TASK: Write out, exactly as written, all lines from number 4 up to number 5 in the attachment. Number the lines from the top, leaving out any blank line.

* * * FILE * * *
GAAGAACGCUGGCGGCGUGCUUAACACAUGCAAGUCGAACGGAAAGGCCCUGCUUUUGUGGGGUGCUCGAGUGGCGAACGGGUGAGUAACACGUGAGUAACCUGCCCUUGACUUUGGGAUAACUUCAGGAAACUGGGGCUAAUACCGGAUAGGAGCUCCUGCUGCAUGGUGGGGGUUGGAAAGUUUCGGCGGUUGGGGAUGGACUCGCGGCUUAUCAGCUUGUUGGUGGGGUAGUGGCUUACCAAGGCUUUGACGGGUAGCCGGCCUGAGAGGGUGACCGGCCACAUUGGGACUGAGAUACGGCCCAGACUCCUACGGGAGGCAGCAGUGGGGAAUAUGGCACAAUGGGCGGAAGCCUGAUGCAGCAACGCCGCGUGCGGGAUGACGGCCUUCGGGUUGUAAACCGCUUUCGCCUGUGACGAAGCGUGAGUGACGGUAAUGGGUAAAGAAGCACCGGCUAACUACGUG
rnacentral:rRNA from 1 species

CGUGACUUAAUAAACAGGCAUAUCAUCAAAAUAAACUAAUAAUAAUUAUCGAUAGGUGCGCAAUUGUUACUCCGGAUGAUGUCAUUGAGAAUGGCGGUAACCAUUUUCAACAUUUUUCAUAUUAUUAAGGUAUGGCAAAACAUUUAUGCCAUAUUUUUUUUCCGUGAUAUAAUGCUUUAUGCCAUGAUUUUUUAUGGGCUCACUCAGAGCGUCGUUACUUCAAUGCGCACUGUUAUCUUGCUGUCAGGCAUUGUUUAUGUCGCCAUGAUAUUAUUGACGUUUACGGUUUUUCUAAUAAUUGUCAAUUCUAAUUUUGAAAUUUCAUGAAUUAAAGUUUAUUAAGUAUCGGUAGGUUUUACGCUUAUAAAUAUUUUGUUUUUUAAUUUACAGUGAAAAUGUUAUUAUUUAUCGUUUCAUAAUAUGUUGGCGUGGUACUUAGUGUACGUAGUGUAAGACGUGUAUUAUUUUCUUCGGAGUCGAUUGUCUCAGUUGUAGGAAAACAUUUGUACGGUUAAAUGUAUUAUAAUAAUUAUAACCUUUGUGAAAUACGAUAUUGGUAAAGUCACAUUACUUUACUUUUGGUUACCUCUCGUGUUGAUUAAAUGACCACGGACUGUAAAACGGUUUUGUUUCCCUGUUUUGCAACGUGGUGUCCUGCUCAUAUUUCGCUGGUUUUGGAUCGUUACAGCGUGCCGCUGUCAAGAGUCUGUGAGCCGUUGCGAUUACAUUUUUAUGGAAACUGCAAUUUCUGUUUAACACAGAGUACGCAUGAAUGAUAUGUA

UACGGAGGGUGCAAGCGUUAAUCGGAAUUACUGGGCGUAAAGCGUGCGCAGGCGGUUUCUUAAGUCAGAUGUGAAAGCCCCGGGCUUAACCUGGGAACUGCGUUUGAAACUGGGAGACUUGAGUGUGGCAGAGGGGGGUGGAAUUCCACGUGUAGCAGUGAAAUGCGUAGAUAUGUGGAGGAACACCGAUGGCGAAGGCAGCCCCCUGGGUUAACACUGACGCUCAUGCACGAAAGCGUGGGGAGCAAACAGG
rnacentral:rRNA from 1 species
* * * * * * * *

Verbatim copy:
UACGGAGGGUGCAAGCGUUAAUCGGAAUUACUGGGCGUAAAGCGUGCGCAGGCGGUUUCUUAAGUCAGAUGUGAAAGCCCCGGGCUUAACCUGGGAACUGCGUUUGAAACUGGGAGACUUGAGUGUGGCAGAGGGGGGUGGAAUUCCACGUGUAGCAGUGAAAUGCGUAGAUAUGUGGAGGAACACCGAUGGCGAAGGCAGCCCCCUGGGUUAACACUGACGCUCAUGCACGAAAGCGUGGGGAGCAAACAGG
rnacentral:rRNA from 1 species